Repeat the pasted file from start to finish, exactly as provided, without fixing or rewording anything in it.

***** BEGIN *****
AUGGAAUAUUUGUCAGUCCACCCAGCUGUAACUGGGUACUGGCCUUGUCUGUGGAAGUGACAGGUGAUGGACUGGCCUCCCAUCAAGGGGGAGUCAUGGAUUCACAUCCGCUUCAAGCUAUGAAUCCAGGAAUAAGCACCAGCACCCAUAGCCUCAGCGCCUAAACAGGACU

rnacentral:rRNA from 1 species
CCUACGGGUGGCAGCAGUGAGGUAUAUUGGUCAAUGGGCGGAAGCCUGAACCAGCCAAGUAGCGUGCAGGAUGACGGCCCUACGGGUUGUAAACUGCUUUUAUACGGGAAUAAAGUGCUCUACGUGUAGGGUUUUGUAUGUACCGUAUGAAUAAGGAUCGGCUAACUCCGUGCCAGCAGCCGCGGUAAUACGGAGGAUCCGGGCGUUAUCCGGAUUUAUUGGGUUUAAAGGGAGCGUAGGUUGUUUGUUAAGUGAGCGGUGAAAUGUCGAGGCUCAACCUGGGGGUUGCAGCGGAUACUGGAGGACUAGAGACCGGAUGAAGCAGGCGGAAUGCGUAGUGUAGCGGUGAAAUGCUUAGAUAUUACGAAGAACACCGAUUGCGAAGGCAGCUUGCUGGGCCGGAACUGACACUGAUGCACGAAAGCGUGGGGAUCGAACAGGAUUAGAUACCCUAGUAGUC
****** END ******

AUGGAAUAUUUGUCAGUCCACCCAGCUGUAACUGGGUACUGGCCUUGUCUGUGGAAGUGACAGGUGAUGGACUGGCCUCCCAUCAAGGGGGAGUCAUGGAUUCACAUCCGCUUCAAGCUAUGAAUCCAGGAAUAAGCACCAGCACCCAUAGCCUCAGCGCCUAAACAGGACU

rnacentral:rRNA from 1 species
CCUACGGGUGGCAGCAGUGAGGUAUAUUGGUCAAUGGGCGGAAGCCUGAACCAGCCAAGUAGCGUGCAGGAUGACGGCCCUACGGGUUGUAAACUGCUUUUAUACGGGAAUAAAGUGCUCUACGUGUAGGGUUUUGUAUGUACCGUAUGAAUAAGGAUCGGCUAACUCCGUGCCAGCAGCCGCGGUAAUACGGAGGAUCCGGGCGUUAUCCGGAUUUAUUGGGUUUAAAGGGAGCGUAGGUUGUUUGUUAAGUGAGCGGUGAAAUGUCGAGGCUCAACCUGGGGGUUGCAGCGGAUACUGGAGGACUAGAGACCGGAUGAAGCAGGCGGAAUGCGUAGUGUAGCGGUGAAAUGCUUAGAUAUUACGAAGAACACCGAUUGCGAAGGCAGCUUGCUGGGCCGGAACUGACACUGAUGCACGAAAGCGUGGGGAUCGAACAGGAUUAGAUACCCUAGUAGUC